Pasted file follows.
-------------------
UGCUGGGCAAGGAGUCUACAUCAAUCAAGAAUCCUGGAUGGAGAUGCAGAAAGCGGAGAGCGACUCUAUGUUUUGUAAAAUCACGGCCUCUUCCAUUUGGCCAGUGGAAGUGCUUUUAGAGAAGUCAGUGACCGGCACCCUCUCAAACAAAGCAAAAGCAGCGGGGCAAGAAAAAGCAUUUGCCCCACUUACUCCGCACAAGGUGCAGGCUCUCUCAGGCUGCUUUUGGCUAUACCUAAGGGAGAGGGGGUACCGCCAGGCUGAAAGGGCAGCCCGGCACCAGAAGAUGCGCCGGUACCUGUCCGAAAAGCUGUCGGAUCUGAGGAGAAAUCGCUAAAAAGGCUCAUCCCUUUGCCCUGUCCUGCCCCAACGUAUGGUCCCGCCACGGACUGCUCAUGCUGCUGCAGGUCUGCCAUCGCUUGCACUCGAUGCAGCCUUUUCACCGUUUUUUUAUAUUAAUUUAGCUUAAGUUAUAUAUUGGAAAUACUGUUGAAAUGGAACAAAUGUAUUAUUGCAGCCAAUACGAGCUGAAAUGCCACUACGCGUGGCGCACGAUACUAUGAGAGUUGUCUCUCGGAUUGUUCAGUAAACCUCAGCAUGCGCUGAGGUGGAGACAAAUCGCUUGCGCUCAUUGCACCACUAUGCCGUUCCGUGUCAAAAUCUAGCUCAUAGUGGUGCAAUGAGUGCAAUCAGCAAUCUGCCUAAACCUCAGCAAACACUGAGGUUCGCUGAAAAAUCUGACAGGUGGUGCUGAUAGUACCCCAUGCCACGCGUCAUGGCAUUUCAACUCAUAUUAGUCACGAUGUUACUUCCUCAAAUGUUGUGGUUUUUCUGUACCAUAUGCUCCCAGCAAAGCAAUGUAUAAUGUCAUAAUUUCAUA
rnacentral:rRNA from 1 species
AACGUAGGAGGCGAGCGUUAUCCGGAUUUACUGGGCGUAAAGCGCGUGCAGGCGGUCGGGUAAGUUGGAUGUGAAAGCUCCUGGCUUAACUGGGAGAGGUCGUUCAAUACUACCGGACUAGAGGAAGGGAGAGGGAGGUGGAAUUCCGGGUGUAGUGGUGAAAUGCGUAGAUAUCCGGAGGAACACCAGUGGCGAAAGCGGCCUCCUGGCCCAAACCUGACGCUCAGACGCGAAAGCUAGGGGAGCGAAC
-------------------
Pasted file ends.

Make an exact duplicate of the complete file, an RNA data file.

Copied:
UGCUGGGCAAGGAGUCUACAUCAAUCAAGAAUCCUGGAUGGAGAUGCAGAAAGCGGAGAGCGACUCUAUGUUUUGUAAAAUCACGGCCUCUUCCAUUUGGCCAGUGGAAGUGCUUUUAGAGAAGUCAGUGACCGGCACCCUCUCAAACAAAGCAAAAGCAGCGGGGCAAGAAAAAGCAUUUGCCCCACUUACUCCGCACAAGGUGCAGGCUCUCUCAGGCUGCUUUUGGCUAUACCUAAGGGAGAGGGGGUACCGCCAGGCUGAAAGGGCAGCCCGGCACCAGAAGAUGCGCCGGUACCUGUCCGAAAAGCUGUCGGAUCUGAGGAGAAAUCGCUAAAAAGGCUCAUCCCUUUGCCCUGUCCUGCCCCAACGUAUGGUCCCGCCACGGACUGCUCAUGCUGCUGCAGGUCUGCCAUCGCUUGCACUCGAUGCAGCCUUUUCACCGUUUUUUUAUAUUAAUUUAGCUUAAGUUAUAUAUUGGAAAUACUGUUGAAAUGGAACAAAUGUAUUAUUGCAGCCAAUACGAGCUGAAAUGCCACUACGCGUGGCGCACGAUACUAUGAGAGUUGUCUCUCGGAUUGUUCAGUAAACCUCAGCAUGCGCUGAGGUGGAGACAAAUCGCUUGCGCUCAUUGCACCACUAUGCCGUUCCGUGUCAAAAUCUAGCUCAUAGUGGUGCAAUGAGUGCAAUCAGCAAUCUGCCUAAACCUCAGCAAACACUGAGGUUCGCUGAAAAAUCUGACAGGUGGUGCUGAUAGUACCCCAUGCCACGCGUCAUGGCAUUUCAACUCAUAUUAGUCACGAUGUUACUUCCUCAAAUGUUGUGGUUUUUCUGUACCAUAUGCUCCCAGCAAAGCAAUGUAUAAUGUCAUAAUUUCAUA
rnacentral:rRNA from 1 species
AACGUAGGAGGCGAGCGUUAUCCGGAUUUACUGGGCGUAAAGCGCGUGCAGGCGGUCGGGUAAGUUGGAUGUGAAAGCUCCUGGCUUAACUGGGAGAGGUCGUUCAAUACUACCGGACUAGAGGAAGGGAGAGGGAGGUGGAAUUCCGGGUGUAGUGGUGAAAUGCGUAGAUAUCCGGAGGAACACCAGUGGCGAAAGCGGCCUCCUGGCCCAAACCUGACGCUCAGACGCGAAAGCUAGGGGAGCGAAC